A variety of features and enhancements in Oracle9i improve efficiency for larger databases, for example, better handling of data loading and table storage. The table below lists these items and their benefits. Later on in this course, you will get a chance to practice most of these new elements. Observe the slide show below to see the four major enhancements that help you work with large databases.
Let us begin by describing what we mean by a large database. Large is a relative term that changes over time. What was large five or ten years ago is small by today's standards, and what is large today will be considered small a few years from now. Each release of Oracle has included new features and enhancements to address the need to store more and more data. For example, Oracle was released in 1999 and could handle databases with terabytes (1024 gigabytes) of data. In 2001, Oracle9i was released and could deal with up to 500 petabytes (1024 terabytes). Oracle Database 10g now offers support for exabyte (1024 petabytes) databases. You will not come across too many databases with exabytes of data right now, but in the future at least we know Oracle will support them. The most obvious examples of large database implementations are data warehouses and (DCS) decision support systems.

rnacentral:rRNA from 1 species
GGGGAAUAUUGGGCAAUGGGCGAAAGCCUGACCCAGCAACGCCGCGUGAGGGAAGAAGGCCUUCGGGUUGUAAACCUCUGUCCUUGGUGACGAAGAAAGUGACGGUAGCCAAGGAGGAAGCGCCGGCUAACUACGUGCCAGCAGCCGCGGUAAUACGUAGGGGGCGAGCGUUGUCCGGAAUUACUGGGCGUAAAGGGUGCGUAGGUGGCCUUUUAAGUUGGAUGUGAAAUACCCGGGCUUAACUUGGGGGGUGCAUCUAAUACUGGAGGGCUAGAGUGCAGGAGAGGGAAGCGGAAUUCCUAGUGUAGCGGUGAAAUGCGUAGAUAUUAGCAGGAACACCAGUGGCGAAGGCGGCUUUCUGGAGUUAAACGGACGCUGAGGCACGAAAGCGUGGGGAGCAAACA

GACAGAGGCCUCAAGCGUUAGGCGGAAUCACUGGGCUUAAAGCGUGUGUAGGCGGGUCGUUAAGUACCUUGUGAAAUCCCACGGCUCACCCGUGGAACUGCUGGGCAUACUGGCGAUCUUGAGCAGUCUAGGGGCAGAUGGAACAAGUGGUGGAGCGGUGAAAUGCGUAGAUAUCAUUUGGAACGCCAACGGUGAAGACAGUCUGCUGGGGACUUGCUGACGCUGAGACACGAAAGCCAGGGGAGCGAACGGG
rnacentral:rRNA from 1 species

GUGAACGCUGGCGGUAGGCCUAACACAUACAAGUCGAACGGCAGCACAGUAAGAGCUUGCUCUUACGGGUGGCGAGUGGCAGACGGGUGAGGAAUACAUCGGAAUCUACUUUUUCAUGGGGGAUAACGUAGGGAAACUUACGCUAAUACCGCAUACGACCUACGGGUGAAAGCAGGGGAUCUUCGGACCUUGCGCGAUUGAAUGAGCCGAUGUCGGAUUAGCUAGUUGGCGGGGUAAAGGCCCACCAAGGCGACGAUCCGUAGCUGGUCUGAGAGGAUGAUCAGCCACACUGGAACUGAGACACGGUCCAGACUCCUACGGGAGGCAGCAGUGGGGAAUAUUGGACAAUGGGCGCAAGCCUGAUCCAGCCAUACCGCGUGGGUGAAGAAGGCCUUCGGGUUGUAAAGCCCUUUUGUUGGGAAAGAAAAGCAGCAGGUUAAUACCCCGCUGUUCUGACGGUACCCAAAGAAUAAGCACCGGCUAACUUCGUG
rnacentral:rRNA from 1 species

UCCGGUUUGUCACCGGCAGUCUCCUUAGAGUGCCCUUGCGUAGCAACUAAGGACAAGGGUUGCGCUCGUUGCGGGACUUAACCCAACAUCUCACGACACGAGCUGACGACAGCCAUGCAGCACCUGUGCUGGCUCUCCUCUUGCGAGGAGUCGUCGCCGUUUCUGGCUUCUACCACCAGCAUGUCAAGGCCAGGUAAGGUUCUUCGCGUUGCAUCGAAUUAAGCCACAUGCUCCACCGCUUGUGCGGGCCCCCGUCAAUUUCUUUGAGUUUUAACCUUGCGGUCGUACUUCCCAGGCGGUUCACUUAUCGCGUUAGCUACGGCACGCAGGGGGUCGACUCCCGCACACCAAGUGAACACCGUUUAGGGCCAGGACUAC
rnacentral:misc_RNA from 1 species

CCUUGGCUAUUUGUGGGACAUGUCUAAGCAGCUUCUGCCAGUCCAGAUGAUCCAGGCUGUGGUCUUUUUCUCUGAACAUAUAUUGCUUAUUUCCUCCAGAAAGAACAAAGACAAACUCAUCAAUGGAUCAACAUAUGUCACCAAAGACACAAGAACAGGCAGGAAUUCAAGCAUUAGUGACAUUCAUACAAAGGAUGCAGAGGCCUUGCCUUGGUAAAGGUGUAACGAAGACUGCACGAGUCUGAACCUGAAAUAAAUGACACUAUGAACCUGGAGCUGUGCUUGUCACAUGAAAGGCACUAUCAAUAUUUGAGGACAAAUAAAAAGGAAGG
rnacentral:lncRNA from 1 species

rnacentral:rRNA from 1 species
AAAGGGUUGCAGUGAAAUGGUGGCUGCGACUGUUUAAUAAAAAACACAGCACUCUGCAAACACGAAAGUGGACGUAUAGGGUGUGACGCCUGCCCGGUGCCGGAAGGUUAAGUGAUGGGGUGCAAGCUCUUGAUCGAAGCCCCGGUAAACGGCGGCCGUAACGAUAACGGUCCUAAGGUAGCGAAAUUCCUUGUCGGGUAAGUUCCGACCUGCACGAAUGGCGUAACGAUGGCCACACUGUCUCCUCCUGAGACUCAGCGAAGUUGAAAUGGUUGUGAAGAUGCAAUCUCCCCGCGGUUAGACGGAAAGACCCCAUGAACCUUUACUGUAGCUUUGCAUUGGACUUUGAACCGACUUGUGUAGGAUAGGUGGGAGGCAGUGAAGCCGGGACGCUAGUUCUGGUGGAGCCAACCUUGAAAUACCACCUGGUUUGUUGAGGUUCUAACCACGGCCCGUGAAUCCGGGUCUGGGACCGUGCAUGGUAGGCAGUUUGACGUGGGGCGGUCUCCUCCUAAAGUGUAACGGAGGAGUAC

These environments usually have tables with millions or billions of rows, or wide tables with large numbers of columns and many rows.
There are also many OLTP systems that are very large and can benefit from the features we are about to cover.